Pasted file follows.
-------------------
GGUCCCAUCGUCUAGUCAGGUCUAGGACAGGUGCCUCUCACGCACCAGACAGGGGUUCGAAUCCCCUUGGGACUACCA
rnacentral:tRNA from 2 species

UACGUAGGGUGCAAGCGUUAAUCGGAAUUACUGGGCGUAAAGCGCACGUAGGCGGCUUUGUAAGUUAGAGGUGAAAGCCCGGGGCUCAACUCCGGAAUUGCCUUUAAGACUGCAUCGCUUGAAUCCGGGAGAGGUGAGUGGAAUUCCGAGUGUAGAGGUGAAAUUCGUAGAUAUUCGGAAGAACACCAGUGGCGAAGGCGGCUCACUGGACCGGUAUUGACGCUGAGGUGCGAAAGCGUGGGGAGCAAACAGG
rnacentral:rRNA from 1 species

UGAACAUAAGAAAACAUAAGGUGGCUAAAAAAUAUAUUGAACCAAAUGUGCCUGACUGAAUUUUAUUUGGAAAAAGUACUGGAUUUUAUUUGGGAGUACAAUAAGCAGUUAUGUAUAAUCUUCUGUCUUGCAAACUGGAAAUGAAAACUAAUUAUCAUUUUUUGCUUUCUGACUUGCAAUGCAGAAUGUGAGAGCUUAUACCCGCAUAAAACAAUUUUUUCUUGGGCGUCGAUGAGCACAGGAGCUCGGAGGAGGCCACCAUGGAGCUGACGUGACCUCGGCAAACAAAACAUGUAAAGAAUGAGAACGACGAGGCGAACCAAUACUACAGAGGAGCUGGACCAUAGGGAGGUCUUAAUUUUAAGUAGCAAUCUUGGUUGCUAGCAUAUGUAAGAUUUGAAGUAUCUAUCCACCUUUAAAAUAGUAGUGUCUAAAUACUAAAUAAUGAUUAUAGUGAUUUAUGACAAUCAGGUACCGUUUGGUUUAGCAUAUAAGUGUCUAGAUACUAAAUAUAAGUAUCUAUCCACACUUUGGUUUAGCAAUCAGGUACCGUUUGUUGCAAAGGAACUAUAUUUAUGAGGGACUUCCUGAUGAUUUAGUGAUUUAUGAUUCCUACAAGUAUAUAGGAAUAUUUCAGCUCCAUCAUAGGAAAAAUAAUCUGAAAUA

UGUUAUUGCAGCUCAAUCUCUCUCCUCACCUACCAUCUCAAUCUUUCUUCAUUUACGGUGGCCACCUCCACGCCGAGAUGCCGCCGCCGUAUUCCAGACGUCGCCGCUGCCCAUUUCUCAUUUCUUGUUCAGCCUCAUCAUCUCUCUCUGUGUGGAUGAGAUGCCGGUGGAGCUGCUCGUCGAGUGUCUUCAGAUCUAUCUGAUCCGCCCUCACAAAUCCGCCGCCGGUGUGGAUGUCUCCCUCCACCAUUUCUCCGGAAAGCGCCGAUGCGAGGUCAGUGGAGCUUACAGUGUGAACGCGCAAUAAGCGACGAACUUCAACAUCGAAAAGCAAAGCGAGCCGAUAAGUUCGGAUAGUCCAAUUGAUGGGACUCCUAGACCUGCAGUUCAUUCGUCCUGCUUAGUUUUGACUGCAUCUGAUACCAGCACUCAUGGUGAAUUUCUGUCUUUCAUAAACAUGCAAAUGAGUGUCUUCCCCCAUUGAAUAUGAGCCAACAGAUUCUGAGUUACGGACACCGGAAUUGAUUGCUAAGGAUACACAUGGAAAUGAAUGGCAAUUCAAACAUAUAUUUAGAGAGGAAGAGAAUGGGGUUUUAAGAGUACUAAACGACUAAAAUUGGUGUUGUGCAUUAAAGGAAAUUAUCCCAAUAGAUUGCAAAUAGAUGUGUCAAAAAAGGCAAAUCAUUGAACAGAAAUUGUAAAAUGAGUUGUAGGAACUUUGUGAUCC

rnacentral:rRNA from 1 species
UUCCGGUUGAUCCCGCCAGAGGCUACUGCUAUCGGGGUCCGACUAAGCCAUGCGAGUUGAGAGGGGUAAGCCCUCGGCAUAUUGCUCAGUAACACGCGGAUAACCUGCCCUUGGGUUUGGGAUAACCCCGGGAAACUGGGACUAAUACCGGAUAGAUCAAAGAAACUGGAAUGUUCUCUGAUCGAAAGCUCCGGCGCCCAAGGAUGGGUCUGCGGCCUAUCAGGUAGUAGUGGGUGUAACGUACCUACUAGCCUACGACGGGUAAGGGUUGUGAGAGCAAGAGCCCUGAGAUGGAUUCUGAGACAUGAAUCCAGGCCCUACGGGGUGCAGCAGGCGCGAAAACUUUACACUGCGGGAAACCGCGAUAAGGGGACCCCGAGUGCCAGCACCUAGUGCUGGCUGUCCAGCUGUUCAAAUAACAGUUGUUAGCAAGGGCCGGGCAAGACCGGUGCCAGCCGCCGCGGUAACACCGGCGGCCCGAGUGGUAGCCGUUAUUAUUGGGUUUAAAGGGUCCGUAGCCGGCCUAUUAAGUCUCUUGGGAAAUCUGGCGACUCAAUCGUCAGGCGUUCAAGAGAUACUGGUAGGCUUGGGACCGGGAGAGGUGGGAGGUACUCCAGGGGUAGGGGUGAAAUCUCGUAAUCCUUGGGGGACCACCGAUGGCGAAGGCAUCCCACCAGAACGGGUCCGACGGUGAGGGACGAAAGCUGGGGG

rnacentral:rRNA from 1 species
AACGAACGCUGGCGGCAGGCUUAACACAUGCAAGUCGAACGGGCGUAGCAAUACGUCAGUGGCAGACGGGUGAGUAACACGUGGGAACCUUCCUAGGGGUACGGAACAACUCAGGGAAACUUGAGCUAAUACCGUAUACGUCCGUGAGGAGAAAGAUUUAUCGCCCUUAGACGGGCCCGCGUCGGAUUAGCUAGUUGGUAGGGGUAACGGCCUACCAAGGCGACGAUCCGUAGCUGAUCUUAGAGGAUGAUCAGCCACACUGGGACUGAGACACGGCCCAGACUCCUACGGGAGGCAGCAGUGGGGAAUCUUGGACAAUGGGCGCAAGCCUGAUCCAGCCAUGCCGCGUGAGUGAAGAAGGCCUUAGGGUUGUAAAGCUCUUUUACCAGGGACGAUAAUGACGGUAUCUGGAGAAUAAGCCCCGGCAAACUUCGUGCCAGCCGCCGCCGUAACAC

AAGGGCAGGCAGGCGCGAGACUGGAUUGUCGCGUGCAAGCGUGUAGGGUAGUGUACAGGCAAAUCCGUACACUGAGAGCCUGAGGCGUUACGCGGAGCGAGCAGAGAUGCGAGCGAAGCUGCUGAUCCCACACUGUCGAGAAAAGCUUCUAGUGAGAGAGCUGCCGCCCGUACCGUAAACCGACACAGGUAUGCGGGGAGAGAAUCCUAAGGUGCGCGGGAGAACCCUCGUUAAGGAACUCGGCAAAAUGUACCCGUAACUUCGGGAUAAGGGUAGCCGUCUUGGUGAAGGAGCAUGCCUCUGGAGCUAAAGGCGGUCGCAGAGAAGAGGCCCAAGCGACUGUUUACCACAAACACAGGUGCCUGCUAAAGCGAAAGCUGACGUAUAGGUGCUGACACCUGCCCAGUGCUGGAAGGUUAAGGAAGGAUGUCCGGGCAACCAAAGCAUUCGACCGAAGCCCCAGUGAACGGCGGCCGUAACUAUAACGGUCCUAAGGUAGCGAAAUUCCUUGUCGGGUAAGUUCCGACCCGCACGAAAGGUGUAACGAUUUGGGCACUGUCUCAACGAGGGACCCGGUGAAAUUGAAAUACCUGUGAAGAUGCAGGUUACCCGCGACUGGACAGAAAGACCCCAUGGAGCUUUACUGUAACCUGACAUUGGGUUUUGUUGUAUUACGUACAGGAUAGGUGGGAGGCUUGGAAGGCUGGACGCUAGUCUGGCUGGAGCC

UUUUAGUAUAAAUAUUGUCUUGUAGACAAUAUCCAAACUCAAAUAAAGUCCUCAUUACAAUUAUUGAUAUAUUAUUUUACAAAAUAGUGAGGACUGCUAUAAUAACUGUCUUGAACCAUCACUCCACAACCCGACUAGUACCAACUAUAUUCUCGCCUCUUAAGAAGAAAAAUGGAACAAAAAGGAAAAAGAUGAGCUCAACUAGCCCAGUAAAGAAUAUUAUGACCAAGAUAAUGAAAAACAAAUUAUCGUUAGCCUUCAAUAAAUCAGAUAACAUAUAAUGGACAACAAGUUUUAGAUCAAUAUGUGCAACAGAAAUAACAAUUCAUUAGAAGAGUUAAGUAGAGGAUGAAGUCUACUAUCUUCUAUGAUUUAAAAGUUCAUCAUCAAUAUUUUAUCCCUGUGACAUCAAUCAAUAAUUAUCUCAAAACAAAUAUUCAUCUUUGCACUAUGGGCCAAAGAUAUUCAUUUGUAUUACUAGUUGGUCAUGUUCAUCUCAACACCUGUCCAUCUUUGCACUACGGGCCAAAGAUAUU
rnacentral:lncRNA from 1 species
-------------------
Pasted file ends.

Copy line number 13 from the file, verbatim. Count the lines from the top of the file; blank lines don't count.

rnacentral:lncRNA from 1 species